My friend Michael Garst and I wrote a book a few years ago about the Constitution of the United States. It can be found on Amazon, or under the Books page on this website.

The Second Amendment is, once again, the argument of the day, or is it the century. The passage below is our take on this argument, and taken from the book. Please remember we are both U.S. Army Vets. We have some idea what we are talking about 😉

 

 

This Amendment has probably been the subject of more news cycles and opinion shows than any other.

We feel it necessary to go into this discussion with a disclaimer.  We are both veterans.  We have both fired, and owned, firearms in our lifetime.  We have both fired automatic weapons in our lifetime (we were both in the Army after all).

 That being said there are a LOT of strange opinions on this subject of keeping and bearing arms. 

We have heard the extremes.  One of the interesting extremes is that the Founders meant that you should have access to muskets.  Well, let’s just say we disagree with that.

 The other extreme says that if the military has access to it, a citizen should have access to it.  Well, playing this argument out means that the starting Shortstop for any major league team should be able to buy an F-16 (their salaries are high enough), or perhaps some surface to air missiles.  Maybe grandma wants a heavy machine-gun mounted on her 1984 Road-master station wagon? What if that quiet guy at the end of the street wants an Anti-tank rocket to start taking pot shots at those damn punk kids and their loud rock and or roll music? We might see little Suzy-Q sitting in her window one day with a 50 caliber sniper rifle shooting at the neighbors cats when the cross the fence line? Should this be allowed?  Well, we both have to say no.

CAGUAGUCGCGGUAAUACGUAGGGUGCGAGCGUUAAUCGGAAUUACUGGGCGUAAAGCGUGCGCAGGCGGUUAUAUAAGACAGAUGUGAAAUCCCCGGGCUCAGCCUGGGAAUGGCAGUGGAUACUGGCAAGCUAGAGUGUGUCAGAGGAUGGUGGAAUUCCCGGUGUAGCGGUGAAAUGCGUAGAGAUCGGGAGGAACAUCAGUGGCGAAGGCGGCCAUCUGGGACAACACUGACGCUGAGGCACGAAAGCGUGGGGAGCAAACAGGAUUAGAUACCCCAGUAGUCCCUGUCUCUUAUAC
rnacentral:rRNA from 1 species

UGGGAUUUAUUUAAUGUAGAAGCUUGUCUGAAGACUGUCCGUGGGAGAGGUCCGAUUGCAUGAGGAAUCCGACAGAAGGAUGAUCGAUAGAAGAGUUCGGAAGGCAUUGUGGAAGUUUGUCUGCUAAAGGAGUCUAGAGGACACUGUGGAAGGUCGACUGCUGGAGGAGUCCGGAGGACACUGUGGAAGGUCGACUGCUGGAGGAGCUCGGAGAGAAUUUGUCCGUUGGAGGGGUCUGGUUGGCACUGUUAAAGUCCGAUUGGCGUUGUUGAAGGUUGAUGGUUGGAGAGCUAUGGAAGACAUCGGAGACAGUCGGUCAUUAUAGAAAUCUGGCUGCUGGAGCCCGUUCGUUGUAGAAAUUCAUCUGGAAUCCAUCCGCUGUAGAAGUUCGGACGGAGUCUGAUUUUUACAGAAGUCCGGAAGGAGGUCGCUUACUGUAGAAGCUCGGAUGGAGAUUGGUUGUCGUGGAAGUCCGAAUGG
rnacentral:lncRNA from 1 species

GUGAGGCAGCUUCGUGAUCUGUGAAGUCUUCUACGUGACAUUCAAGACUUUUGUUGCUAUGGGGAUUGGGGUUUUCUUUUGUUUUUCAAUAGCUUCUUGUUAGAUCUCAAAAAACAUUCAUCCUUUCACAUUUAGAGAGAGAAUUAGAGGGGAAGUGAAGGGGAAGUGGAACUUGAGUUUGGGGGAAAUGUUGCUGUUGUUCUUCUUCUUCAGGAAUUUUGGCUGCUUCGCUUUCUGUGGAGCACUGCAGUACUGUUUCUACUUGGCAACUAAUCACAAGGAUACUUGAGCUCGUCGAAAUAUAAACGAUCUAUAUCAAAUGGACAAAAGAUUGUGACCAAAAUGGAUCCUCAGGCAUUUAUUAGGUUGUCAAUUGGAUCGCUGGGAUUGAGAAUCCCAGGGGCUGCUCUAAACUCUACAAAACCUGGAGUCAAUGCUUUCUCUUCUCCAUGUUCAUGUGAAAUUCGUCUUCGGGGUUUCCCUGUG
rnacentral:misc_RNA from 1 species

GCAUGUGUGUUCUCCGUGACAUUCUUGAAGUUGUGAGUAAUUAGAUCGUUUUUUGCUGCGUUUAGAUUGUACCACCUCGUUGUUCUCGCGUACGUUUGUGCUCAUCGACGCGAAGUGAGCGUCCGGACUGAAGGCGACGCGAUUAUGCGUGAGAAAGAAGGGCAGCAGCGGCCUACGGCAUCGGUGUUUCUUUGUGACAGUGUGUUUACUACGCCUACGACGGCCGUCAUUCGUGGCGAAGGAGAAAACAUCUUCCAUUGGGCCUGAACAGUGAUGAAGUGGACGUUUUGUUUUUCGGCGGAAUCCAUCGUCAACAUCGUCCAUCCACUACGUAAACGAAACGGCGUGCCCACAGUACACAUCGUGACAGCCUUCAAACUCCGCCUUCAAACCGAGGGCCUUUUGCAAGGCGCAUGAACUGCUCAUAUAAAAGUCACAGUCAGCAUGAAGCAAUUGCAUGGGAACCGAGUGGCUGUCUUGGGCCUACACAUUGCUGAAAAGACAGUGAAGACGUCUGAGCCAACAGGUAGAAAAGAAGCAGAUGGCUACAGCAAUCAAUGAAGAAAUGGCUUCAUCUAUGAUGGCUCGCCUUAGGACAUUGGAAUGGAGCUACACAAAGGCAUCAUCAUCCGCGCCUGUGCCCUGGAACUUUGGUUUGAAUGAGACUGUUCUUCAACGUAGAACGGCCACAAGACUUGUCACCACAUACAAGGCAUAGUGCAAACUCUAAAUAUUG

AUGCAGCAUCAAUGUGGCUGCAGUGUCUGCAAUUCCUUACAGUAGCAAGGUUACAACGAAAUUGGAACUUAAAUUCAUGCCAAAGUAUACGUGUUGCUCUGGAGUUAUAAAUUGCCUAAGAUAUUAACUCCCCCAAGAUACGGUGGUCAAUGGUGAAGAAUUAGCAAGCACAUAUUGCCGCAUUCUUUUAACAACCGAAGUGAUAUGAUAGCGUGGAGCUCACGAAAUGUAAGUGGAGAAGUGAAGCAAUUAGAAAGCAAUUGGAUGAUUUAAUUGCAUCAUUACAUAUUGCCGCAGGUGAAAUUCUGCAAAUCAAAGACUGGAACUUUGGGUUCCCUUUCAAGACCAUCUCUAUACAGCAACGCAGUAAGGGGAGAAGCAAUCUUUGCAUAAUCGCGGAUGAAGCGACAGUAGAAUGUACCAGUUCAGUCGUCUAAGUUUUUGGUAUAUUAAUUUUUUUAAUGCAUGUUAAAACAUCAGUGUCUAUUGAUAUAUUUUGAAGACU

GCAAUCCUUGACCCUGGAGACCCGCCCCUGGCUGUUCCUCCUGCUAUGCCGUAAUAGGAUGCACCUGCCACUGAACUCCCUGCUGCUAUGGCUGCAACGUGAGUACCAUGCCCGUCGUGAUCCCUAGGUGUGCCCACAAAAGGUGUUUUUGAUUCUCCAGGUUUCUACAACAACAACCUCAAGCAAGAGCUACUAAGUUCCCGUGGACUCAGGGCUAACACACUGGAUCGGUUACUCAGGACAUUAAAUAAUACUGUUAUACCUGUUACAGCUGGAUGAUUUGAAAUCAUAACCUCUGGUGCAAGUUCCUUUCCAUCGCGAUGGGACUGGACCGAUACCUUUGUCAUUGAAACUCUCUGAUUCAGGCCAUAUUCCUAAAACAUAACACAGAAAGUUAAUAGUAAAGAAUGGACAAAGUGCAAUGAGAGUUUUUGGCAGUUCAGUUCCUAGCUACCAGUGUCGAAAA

Should we have limits on what those arms are?  We think there should be, and in fact in current law there are limitations. 

Should those limits be more extreme than they are?

Should those limits be less extreme than they are?

That is the subject that MUST be discussed through that freedom of speech aspect of the constitution we covered under Amendment 1.  We will not render a personal opinion other than to say that the citizenry should be able to keep arms, just as the Founders said.

 

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